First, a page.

Procrastinator may just be a buzzword. It is the permanent struggle to fight against the force of inertia inherent in every human being. Or procrastination has harmful consequences in relationships with others because it puts the person to be permanently late and therefore under the judgment and gaze of others
” It’s too complicated…. I won’t be able to do it…I promise I’ll start tomorrow…I’ll do it in the evening…during the week… I did not have the time… “. Do you usually make such offers? Yes, you know that you are a “procrastinator”: a person who tends to answer later than that to get it done. And when you are a business leader, it is better to try to stop this bad habit as quickly as possible at the risk of finding yourself in a dead end!
According to Diane Ballonad Rolland, in her book I stop procrastinating! I published with Eyrolles editions “The way of kaizen, used by Japanese companies for fifty years, is probably one of the most effective strategies, and certainly the softest, to believe in change and achieve a goal. By adopting the path of kaizen, he also uses the philosophy of “small steps”, everything, I mean everything becomes possible, accessible, within our reach! »
and she adds “Procrastination most often arises from the discouragement that we have all felt one day before the magnitude of a task to be accomplished, which suddenly seems “insurmountable” to us…. »
Here are some useful tips to free yourself from procrastination.
Be ready to change behavior
Like a person who is determined to lose weight, you must be motivated, be ready to change your behavior and prepare the ground to get there. You agree once again that you will have to exert effort in the coming days to meet the rails and you are empowered to stick to the daily schedule.
Start with your organizer
Like old times, make a to-do list for the day. Start by choosing the most important and difficult ones before moving on to the most important ones. Do not forget anything on the list. Remember to discover the activities of the longest in several stages and to respect a time limit for each of them. For example, instead of putting “send an email to customer X”, put instead “send an email to customer X at 11 am”. At the end of the day, you’re going to feel fierce looking at the list.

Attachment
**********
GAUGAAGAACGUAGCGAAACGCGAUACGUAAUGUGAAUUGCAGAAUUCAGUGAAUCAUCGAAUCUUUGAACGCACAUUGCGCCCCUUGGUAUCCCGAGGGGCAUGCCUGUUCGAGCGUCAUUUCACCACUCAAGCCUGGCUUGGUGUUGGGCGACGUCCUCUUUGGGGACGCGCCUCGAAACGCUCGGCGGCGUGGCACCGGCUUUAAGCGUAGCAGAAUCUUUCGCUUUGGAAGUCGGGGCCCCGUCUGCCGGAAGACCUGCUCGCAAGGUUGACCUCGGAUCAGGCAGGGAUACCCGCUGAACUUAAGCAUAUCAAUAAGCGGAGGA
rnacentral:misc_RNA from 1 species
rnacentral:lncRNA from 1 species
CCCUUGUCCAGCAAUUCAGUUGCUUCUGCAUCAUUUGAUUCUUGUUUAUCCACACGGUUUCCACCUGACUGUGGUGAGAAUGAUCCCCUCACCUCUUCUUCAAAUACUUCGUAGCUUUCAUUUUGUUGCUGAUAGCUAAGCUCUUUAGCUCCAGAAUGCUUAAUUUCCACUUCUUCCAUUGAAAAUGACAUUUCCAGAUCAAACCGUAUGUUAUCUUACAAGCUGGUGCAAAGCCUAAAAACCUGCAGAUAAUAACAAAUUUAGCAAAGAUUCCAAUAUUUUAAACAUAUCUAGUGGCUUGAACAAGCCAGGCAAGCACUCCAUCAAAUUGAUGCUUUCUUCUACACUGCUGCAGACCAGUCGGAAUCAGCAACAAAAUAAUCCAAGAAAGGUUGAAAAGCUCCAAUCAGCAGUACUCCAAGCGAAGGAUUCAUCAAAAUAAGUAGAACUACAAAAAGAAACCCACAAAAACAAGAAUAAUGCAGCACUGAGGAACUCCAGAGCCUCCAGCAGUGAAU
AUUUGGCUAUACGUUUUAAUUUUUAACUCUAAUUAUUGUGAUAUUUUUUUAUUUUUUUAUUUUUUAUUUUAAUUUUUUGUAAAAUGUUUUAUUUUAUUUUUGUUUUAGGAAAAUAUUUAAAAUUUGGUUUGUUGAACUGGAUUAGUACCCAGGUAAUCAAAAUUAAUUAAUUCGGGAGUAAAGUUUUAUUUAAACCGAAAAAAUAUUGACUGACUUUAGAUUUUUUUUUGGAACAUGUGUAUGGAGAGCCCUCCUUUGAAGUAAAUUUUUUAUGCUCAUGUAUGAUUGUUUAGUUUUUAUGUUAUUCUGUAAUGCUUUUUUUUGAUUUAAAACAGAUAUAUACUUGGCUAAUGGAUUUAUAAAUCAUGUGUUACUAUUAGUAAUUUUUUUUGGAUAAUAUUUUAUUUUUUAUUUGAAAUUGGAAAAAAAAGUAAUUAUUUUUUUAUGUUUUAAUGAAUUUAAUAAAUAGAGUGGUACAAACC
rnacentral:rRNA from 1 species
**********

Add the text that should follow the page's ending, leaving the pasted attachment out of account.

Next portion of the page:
Prioritize two-minute activities
In his book “Getting Things Done”, David Allen advises to give priority to activities that smoke less than two minutes. For example, send an email, print a report, ask a customer to follow up, do the dishes right after the meal, sort the trash cans, etc. These are usually the tasks that you repeat every other day. So strive to produce every next 120 seconds.
Keep it simple
An overly complicated organization can mean drudgery for your subconscious. In this case, you will no longer want to complete a task. Don’t wait for the perfect moment or the perfect product or the perfect project, in short, don’t be a perfectionist. Avoid thinking that everything you do has to be perfect.
Keep calm and focus on a task
To be productive, you must not be distracted by other things. As soon as you start an important task, concentrate as much as possible to finish before starting another one. Don’t be distracted by the smiley notification of messages from your smartphone. It is recommended to put your laptop on silent or temporarily cut off your internet connection. This will avoid being tempted by the urge to read the latest publications every 3 minutes on social networks. You can read your messages during the break.